I don’t normally watch Vlogbrothers videos. I know they’re the titans of YouTube and beloved by millions, but their topics don’t often land in my particular wheelhouse. (For me, Numberphile, Tom Scott, and Deep Sky Videos are where it’s at. And also CGP Grey when the planets align and he makes a vid.) But once in a long time the YouTube suggestion heuristic offers up a Vlogbro video that catches my eye, which was the case this past week: What OCD Is Like (for Me).
(No, I don’t know why I’m talking about this sort of oddball mental stuff two weeks in a row. It’s not a sign of any particular trouble on my end. Probably just random chance, or the result of too much introspection.)
I don’t know anything about OCD aside from the pop-culture depictions of it, so this made for an illuminating video. OCD is, as I suspected, badly portrayed in media. I do not have OCD, although I’d like to use this as a jumping-off point for a tangentially related topic…
John Green talks about how a particular idea will stick in his mind and he won’t be able to stop worrying about it. While I haven’t experienced his particular problem of ongoing vexation, I am familiar with the idea of having an idea that sticks with you for weeks and months and kind of grows on you despite it not having any practical value. In my case it’s a completely harmless personality quirk rather than a source of stress or dysfunction. Which is nice. But it also made me wonder if this is a common thing. Does everyone have a clingy idea or scenario that won’t leave them alone?
In my case the thoughts revolve around impossible hypothetical situations like:
What if unlikely disaster X suddenly happened? How would I handle it? What should I do?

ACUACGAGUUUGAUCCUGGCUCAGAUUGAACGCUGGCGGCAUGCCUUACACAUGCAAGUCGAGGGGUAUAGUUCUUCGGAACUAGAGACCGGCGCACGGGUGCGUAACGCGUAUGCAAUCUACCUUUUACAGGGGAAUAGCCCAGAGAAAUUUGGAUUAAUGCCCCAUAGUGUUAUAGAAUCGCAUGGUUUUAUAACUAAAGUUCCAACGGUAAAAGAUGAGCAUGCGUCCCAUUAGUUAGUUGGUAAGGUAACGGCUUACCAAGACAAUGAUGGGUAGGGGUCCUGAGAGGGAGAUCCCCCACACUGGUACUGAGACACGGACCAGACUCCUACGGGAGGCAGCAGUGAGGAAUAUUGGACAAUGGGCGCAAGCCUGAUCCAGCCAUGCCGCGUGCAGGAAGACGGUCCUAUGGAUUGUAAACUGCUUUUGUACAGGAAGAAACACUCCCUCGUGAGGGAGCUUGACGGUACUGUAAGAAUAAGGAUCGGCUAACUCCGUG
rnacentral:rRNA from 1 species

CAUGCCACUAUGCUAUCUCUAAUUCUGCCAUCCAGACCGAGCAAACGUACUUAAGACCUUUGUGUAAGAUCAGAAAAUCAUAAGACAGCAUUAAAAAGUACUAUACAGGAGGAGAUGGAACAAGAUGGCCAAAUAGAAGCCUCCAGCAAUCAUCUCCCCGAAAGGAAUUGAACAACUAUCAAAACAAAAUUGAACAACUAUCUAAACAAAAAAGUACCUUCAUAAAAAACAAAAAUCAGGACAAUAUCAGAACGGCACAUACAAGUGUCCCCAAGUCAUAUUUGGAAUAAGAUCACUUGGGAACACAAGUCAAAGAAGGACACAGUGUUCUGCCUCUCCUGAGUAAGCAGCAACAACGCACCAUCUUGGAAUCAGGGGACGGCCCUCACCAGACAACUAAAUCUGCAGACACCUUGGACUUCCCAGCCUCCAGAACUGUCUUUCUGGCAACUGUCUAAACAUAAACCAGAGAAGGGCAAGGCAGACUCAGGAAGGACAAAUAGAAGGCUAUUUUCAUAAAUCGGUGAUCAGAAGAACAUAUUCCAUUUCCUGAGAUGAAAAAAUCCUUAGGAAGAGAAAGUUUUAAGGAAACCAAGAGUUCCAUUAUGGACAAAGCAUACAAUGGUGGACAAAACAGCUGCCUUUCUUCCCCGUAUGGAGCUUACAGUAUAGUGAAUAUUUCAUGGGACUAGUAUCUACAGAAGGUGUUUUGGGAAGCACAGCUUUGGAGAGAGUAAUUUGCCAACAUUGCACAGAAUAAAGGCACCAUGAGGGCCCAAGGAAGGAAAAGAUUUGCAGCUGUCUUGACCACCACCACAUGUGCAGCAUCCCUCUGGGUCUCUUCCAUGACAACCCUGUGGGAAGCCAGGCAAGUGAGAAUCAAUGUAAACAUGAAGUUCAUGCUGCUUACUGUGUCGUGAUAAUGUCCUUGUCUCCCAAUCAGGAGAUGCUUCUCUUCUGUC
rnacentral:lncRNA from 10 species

What if I was somehow able to have a conversation with (usually deceased) person Y? What would I say to them and how could I use that time productively?
What if I was suddenly responsible for Z? (In this case, Z is usually an enterprise or business I’m ill-suited to run, not something I have a lot of experience in.) How would I handle it? Of course, the correct answer to “What if I was suddenly in charge of something I don’t know how to do?” is “abdicate and leave someone else in charge”, but these situations kinda run on dream logic where you’re inexplicably trapped in a situation and you need to make sensible decisions in a senseless situation.
I’ve been doing this sort of thing since I was a child. Adults used to call it “daydreaming”, but anecdotally I get the impression that daydreams are usually wish-fulfillment fantasies on the part of the daydreamer. These are not really that. They’re certainly interesting scenarios, but they’re not really wish fulfillment. If they were, I’d spend a lot more time thinking about winning a million bucks and being buff like Captain America and a lot less time puzzling over what I’d do if (for example) I found myself floating all alone on an unknown sail-powered boat on an unknown ocean with no land in sight.
These thoughts are sort of my default topic to think about. It’s what I think about when I’m in the shower, or waiting to fall asleep at the end of the day, or while waiting for Windows to finish updating. The exception to this is when I’m in the middle of a programming project. In that case, I think about the programming instead of the hypothetical. In this way, taking on a programming project is a good way to finally wipe the slate clean and stop obsessing over the dang thing. When I come up for air a month later, the scenario will have lost its hold on me and a new one will begin to form.
I can’t stop thinking about these things, but unlike someone with OCD it doesn’t seem to do me any harm. I get sort of sick of thinking about the same one after a few weeks, but it doesn’t cause stress, intrude on my relationships, keep me awake, or interfere with my work. I’ve tried to capture this mental fidgeting by turning a scenario into a novel or story, but it’s never worked out. The ideas might make for a good premise for a book, but there’s not enough substance to turn them into something interesting without adding characters, motivations, and a three-act story structure. As it turns out, I get sick of the idea long before that sort of structure develops.
Is this common? Hard to say. It’s really hard to find information on this kind of thing. What’s the average person’s daydream like? Is it normal to have the same one for weeks or months? I dunno.
Do you daydream? Is it wish-fulfillment or problem-solving? Do you ever find yourself thinking about something after you’ve become sick of it?
Even allegedly smart people can make life-changing blunders that seem very, very obvious in retrospect.
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